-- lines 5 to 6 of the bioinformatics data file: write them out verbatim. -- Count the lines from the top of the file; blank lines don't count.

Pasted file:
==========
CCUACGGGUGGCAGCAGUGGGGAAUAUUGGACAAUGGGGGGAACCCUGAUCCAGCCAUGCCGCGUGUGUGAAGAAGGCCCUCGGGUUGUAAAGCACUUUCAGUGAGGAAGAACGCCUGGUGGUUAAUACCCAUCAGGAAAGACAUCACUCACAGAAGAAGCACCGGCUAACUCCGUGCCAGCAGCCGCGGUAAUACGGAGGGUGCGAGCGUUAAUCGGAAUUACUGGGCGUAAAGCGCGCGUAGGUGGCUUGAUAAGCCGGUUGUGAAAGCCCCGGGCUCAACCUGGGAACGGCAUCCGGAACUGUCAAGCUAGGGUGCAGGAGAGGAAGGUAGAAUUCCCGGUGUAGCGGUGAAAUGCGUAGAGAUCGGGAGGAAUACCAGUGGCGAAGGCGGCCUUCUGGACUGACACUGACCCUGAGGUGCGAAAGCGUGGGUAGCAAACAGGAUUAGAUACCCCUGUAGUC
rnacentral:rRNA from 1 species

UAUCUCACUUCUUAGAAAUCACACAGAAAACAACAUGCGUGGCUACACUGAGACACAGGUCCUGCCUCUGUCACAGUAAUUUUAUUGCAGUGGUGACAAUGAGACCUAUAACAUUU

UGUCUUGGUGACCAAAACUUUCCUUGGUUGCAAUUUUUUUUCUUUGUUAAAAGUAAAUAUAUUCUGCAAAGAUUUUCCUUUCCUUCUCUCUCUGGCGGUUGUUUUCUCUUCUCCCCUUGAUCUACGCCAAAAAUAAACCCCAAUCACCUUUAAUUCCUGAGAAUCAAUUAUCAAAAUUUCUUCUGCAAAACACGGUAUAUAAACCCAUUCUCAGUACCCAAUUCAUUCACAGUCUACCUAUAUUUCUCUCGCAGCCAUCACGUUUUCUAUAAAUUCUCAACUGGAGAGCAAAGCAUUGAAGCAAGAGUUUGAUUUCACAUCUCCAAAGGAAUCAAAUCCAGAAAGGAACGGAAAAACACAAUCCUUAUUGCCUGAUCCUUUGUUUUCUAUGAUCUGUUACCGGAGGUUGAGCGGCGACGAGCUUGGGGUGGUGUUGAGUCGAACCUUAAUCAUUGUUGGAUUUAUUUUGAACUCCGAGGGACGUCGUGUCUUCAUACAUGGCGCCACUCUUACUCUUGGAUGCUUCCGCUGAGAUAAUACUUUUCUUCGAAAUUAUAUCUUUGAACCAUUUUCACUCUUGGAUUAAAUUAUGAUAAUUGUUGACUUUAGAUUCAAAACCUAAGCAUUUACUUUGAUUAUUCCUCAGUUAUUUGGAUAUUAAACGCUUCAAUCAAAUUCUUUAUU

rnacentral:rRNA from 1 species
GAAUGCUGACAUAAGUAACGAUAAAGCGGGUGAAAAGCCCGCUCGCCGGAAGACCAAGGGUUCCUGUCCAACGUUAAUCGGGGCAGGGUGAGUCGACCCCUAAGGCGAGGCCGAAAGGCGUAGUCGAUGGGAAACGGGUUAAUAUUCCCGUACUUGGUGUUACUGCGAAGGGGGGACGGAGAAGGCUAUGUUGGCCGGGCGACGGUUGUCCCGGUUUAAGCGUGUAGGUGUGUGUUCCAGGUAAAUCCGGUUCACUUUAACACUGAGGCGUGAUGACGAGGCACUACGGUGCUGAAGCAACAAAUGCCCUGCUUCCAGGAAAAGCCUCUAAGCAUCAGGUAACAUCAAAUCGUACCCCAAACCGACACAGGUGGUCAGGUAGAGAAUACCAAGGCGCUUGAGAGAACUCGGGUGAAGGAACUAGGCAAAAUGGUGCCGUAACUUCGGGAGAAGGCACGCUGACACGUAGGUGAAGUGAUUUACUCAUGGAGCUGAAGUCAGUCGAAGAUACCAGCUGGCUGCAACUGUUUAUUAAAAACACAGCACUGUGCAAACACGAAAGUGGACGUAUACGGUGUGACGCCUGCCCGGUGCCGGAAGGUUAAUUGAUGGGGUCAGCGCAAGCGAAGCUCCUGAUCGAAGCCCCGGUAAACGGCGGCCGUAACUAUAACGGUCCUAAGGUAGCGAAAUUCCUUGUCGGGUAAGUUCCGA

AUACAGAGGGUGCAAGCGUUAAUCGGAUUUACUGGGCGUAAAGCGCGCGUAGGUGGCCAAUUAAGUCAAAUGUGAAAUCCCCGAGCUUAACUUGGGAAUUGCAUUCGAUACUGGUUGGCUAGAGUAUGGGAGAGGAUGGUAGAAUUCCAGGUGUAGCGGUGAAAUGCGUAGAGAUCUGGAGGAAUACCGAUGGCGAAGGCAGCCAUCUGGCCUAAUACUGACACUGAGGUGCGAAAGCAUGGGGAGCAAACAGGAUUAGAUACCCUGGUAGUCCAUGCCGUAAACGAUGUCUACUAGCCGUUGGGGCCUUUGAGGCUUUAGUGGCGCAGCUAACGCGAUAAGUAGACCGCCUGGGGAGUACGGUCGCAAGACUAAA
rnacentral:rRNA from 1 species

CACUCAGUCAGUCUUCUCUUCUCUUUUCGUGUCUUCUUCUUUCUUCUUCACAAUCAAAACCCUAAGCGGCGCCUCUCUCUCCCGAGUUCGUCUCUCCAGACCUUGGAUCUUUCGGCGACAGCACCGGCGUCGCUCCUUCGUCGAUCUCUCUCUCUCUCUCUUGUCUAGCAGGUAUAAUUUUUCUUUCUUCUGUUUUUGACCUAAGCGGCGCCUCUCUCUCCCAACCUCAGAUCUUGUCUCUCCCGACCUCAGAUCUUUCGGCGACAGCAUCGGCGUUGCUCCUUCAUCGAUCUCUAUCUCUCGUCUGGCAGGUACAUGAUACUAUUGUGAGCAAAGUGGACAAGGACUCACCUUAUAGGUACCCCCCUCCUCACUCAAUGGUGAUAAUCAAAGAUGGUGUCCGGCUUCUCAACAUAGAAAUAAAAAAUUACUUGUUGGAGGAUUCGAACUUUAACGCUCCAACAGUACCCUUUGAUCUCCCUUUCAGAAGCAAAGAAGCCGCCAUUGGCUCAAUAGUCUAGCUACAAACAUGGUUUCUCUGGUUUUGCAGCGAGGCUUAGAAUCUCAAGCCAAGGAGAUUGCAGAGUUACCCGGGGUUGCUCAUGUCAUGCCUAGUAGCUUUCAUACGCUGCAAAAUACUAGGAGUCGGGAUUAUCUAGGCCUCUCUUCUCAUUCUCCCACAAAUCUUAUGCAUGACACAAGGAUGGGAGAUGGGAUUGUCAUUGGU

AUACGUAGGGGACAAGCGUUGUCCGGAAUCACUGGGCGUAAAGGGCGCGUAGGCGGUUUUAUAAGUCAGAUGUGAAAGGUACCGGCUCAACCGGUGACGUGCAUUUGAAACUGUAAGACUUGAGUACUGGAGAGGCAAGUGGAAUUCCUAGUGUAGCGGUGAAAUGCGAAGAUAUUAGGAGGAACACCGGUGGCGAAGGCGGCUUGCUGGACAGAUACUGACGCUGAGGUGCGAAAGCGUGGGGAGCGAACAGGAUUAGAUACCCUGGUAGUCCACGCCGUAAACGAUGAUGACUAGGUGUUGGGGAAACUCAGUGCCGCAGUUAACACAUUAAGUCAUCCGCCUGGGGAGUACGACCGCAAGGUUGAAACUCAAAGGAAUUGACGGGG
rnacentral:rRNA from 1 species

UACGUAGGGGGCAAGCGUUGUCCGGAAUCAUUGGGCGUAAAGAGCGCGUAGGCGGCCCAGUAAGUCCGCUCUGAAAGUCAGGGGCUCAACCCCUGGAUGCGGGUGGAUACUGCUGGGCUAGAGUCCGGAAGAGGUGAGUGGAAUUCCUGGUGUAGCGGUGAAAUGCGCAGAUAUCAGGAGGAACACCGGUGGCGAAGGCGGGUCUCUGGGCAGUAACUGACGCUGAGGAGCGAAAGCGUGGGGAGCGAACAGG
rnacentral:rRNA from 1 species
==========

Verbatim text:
rnacentral:rRNA from 1 species
GAAUGCUGACAUAAGUAACGAUAAAGCGGGUGAAAAGCCCGCUCGCCGGAAGACCAAGGGUUCCUGUCCAACGUUAAUCGGGGCAGGGUGAGUCGACCCCUAAGGCGAGGCCGAAAGGCGUAGUCGAUGGGAAACGGGUUAAUAUUCCCGUACUUGGUGUUACUGCGAAGGGGGGACGGAGAAGGCUAUGUUGGCCGGGCGACGGUUGUCCCGGUUUAAGCGUGUAGGUGUGUGUUCCAGGUAAAUCCGGUUCACUUUAACACUGAGGCGUGAUGACGAGGCACUACGGUGCUGAAGCAACAAAUGCCCUGCUUCCAGGAAAAGCCUCUAAGCAUCAGGUAACAUCAAAUCGUACCCCAAACCGACACAGGUGGUCAGGUAGAGAAUACCAAGGCGCUUGAGAGAACUCGGGUGAAGGAACUAGGCAAAAUGGUGCCGUAACUUCGGGAGAAGGCACGCUGACACGUAGGUGAAGUGAUUUACUCAUGGAGCUGAAGUCAGUCGAAGAUACCAGCUGGCUGCAACUGUUUAUUAAAAACACAGCACUGUGCAAACACGAAAGUGGACGUAUACGGUGUGACGCCUGCCCGGUGCCGGAAGGUUAAUUGAUGGGGUCAGCGCAAGCGAAGCUCCUGAUCGAAGCCCCGGUAAACGGCGGCCGUAACUAUAACGGUCCUAAGGUAGCGAAAUUCCUUGUCGGGUAAGUUCCGA